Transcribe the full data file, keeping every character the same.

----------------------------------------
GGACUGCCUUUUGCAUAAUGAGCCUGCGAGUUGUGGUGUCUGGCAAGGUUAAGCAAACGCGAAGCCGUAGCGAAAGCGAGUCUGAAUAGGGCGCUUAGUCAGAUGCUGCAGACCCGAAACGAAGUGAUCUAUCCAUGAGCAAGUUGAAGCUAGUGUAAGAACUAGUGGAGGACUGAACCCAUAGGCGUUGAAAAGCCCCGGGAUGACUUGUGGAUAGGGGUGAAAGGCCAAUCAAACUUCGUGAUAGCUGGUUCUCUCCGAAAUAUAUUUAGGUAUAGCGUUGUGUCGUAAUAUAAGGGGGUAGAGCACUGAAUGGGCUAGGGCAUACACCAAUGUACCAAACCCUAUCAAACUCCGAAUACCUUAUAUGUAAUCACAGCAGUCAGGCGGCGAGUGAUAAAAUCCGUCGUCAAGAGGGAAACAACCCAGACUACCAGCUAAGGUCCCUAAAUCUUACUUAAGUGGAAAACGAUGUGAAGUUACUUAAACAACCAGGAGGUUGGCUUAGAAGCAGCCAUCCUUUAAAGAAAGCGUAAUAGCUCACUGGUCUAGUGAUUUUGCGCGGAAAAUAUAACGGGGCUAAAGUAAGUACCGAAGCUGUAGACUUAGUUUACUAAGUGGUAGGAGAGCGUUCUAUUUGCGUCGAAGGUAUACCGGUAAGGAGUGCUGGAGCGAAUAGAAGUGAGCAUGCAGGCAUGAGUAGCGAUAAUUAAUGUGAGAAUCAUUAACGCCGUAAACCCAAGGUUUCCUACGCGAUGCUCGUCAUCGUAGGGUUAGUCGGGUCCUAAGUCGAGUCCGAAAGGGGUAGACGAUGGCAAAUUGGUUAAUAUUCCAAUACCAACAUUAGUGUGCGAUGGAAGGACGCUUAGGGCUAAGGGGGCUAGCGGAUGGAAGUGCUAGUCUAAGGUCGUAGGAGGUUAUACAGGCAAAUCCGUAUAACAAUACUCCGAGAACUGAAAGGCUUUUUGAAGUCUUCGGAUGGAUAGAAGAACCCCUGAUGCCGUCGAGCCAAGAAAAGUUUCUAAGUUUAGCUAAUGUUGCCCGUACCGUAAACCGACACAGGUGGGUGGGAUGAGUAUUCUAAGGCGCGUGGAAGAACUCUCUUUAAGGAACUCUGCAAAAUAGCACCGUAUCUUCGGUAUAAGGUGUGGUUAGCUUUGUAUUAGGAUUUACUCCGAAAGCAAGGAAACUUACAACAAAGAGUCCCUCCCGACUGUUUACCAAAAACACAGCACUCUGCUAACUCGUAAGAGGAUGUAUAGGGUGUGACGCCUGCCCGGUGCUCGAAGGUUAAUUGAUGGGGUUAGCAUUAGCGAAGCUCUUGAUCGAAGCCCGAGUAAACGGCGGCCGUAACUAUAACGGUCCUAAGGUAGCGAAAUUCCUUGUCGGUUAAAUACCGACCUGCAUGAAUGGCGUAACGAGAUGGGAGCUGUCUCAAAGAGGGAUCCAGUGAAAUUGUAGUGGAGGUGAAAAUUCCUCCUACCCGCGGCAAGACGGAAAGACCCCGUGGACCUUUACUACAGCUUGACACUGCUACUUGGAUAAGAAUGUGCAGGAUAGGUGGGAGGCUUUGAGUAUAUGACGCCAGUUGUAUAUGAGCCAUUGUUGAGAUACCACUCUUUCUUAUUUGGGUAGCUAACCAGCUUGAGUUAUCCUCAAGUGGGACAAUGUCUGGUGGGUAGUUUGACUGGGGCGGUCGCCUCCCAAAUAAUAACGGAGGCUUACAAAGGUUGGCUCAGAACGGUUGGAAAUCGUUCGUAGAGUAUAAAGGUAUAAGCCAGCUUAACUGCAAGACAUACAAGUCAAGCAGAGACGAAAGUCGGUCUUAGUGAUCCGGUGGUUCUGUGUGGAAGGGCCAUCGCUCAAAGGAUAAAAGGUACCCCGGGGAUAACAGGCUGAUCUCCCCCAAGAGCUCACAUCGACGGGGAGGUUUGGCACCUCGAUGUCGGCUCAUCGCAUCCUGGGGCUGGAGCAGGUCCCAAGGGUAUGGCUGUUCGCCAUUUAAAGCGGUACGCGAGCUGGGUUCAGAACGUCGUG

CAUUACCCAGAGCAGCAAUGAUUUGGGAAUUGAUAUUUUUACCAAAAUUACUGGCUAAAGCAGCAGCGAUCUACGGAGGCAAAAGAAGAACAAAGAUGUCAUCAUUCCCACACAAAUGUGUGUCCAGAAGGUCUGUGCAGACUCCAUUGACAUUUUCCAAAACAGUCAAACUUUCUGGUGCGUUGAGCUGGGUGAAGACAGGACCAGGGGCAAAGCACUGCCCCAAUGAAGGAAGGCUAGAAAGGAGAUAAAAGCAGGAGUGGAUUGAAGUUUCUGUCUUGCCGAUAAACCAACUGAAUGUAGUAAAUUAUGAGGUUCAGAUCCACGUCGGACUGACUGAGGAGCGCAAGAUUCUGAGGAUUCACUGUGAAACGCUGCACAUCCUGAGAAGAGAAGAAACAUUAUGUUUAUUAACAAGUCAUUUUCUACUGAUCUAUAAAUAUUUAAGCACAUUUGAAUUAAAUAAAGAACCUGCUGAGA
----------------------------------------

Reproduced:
GGACUGCCUUUUGCAUAAUGAGCCUGCGAGUUGUGGUGUCUGGCAAGGUUAAGCAAACGCGAAGCCGUAGCGAAAGCGAGUCUGAAUAGGGCGCUUAGUCAGAUGCUGCAGACCCGAAACGAAGUGAUCUAUCCAUGAGCAAGUUGAAGCUAGUGUAAGAACUAGUGGAGGACUGAACCCAUAGGCGUUGAAAAGCCCCGGGAUGACUUGUGGAUAGGGGUGAAAGGCCAAUCAAACUUCGUGAUAGCUGGUUCUCUCCGAAAUAUAUUUAGGUAUAGCGUUGUGUCGUAAUAUAAGGGGGUAGAGCACUGAAUGGGCUAGGGCAUACACCAAUGUACCAAACCCUAUCAAACUCCGAAUACCUUAUAUGUAAUCACAGCAGUCAGGCGGCGAGUGAUAAAAUCCGUCGUCAAGAGGGAAACAACCCAGACUACCAGCUAAGGUCCCUAAAUCUUACUUAAGUGGAAAACGAUGUGAAGUUACUUAAACAACCAGGAGGUUGGCUUAGAAGCAGCCAUCCUUUAAAGAAAGCGUAAUAGCUCACUGGUCUAGUGAUUUUGCGCGGAAAAUAUAACGGGGCUAAAGUAAGUACCGAAGCUGUAGACUUAGUUUACUAAGUGGUAGGAGAGCGUUCUAUUUGCGUCGAAGGUAUACCGGUAAGGAGUGCUGGAGCGAAUAGAAGUGAGCAUGCAGGCAUGAGUAGCGAUAAUUAAUGUGAGAAUCAUUAACGCCGUAAACCCAAGGUUUCCUACGCGAUGCUCGUCAUCGUAGGGUUAGUCGGGUCCUAAGUCGAGUCCGAAAGGGGUAGACGAUGGCAAAUUGGUUAAUAUUCCAAUACCAACAUUAGUGUGCGAUGGAAGGACGCUUAGGGCUAAGGGGGCUAGCGGAUGGAAGUGCUAGUCUAAGGUCGUAGGAGGUUAUACAGGCAAAUCCGUAUAACAAUACUCCGAGAACUGAAAGGCUUUUUGAAGUCUUCGGAUGGAUAGAAGAACCCCUGAUGCCGUCGAGCCAAGAAAAGUUUCUAAGUUUAGCUAAUGUUGCCCGUACCGUAAACCGACACAGGUGGGUGGGAUGAGUAUUCUAAGGCGCGUGGAAGAACUCUCUUUAAGGAACUCUGCAAAAUAGCACCGUAUCUUCGGUAUAAGGUGUGGUUAGCUUUGUAUUAGGAUUUACUCCGAAAGCAAGGAAACUUACAACAAAGAGUCCCUCCCGACUGUUUACCAAAAACACAGCACUCUGCUAACUCGUAAGAGGAUGUAUAGGGUGUGACGCCUGCCCGGUGCUCGAAGGUUAAUUGAUGGGGUUAGCAUUAGCGAAGCUCUUGAUCGAAGCCCGAGUAAACGGCGGCCGUAACUAUAACGGUCCUAAGGUAGCGAAAUUCCUUGUCGGUUAAAUACCGACCUGCAUGAAUGGCGUAACGAGAUGGGAGCUGUCUCAAAGAGGGAUCCAGUGAAAUUGUAGUGGAGGUGAAAAUUCCUCCUACCCGCGGCAAGACGGAAAGACCCCGUGGACCUUUACUACAGCUUGACACUGCUACUUGGAUAAGAAUGUGCAGGAUAGGUGGGAGGCUUUGAGUAUAUGACGCCAGUUGUAUAUGAGCCAUUGUUGAGAUACCACUCUUUCUUAUUUGGGUAGCUAACCAGCUUGAGUUAUCCUCAAGUGGGACAAUGUCUGGUGGGUAGUUUGACUGGGGCGGUCGCCUCCCAAAUAAUAACGGAGGCUUACAAAGGUUGGCUCAGAACGGUUGGAAAUCGUUCGUAGAGUAUAAAGGUAUAAGCCAGCUUAACUGCAAGACAUACAAGUCAAGCAGAGACGAAAGUCGGUCUUAGUGAUCCGGUGGUUCUGUGUGGAAGGGCCAUCGCUCAAAGGAUAAAAGGUACCCCGGGGAUAACAGGCUGAUCUCCCCCAAGAGCUCACAUCGACGGGGAGGUUUGGCACCUCGAUGUCGGCUCAUCGCAUCCUGGGGCUGGAGCAGGUCCCAAGGGUAUGGCUGUUCGCCAUUUAAAGCGGUACGCGAGCUGGGUUCAGAACGUCGUG

CAUUACCCAGAGCAGCAAUGAUUUGGGAAUUGAUAUUUUUACCAAAAUUACUGGCUAAAGCAGCAGCGAUCUACGGAGGCAAAAGAAGAACAAAGAUGUCAUCAUUCCCACACAAAUGUGUGUCCAGAAGGUCUGUGCAGACUCCAUUGACAUUUUCCAAAACAGUCAAACUUUCUGGUGCGUUGAGCUGGGUGAAGACAGGACCAGGGGCAAAGCACUGCCCCAAUGAAGGAAGGCUAGAAAGGAGAUAAAAGCAGGAGUGGAUUGAAGUUUCUGUCUUGCCGAUAAACCAACUGAAUGUAGUAAAUUAUGAGGUUCAGAUCCACGUCGGACUGACUGAGGAGCGCAAGAUUCUGAGGAUUCACUGUGAAACGCUGCACAUCCUGAGAAGAGAAGAAACAUUAUGUUUAUUAACAAGUCAUUUUCUACUGAUCUAUAAAUAUUUAAGCACAUUUGAAUUAAAUAAAGAACCUGCUGAGA